- The Washington Times - Wednesday, March 18, 2020

The city of Baltimore will stop prosecuting nonviolent criminal charges including drug possession, trespassing, prostitution and public urination during the coronavirus pandemic, State’s Attorney Marilyn Mosby said Wednesday.

The move makes Baltimore the latest city to stop prosecuting low-level offenses while the novel coronavirus spreads throughout the nation. Philadelphia, New York City’s Brooklyn borough, Denver and Fort Worth, Texas, announced similar initiatives earlier this week.

“I’ve instructed my prosecutors not to charge certain low-level nonviolent offenses to avoid people being held in jail unnecessarily,” Ms. Mosby wrote in a letter to Maryland Gov. Larry Hogan, a Republican.

Ms. Mosby also urged Mr. Hogan to release all inmates in state prisons who are over 60, approved for parole or scheduled to complete their sentences within the next year.

“Jails and prisons cycle large numbers of people in and out of close, unsanitary quarters on a daily basis,” she wrote. “If these facilities become breeding grounds for the coronavirus, it will not only impact those incarcerated but our entire communities.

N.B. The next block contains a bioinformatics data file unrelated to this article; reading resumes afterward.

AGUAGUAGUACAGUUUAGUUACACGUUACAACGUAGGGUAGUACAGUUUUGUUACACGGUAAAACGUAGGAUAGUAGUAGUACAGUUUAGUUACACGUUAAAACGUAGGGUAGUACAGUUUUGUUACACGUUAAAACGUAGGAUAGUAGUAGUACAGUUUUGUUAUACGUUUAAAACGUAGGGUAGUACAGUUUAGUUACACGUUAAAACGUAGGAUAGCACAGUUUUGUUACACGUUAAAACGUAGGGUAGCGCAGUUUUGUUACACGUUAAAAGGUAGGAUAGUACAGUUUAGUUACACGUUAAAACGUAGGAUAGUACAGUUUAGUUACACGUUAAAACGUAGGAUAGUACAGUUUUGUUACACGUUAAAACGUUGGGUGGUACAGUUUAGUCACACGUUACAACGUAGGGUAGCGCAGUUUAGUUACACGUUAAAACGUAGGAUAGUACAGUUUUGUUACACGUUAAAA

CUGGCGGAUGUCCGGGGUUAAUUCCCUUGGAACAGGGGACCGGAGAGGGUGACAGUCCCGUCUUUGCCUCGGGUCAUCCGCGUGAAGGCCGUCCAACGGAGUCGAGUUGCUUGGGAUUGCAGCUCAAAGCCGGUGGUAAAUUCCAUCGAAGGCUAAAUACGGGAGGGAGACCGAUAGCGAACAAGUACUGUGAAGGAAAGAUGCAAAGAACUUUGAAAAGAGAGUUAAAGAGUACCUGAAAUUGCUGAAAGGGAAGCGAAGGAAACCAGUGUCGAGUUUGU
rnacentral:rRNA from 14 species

“Now is not the time for a piecemeal approach where we go into court and argue one by one for the release of at-risk individuals,” Ms. Mosby wrote. “Decisive action is needed and it can only be taken by the Executive Branch.”

Los Angeles, Chicago and Virginia Beach, Virginia, have already released vulnerable, nonviolent offenders.

Civil rights groups and health professionals have called for a reduction in the number of people held in local, state and federal lockups because of the havoc the coronavirus could create in a prison.

The country’s prison system has already been under fire for lacking the capacity to meet inmates’ health needs. And the close quarters make practicing social distancing — a key to stopping the coronavirus spread — nearly impossible.

Coronavirus cases have ravaged Chinese prisons, according to The Associated Press. Iran has released 54,000 inmates to avoid a prison outbreak.

Earlier this month, Mr. Hogan canceled prison visits offering free phone calls and video visitations instead.

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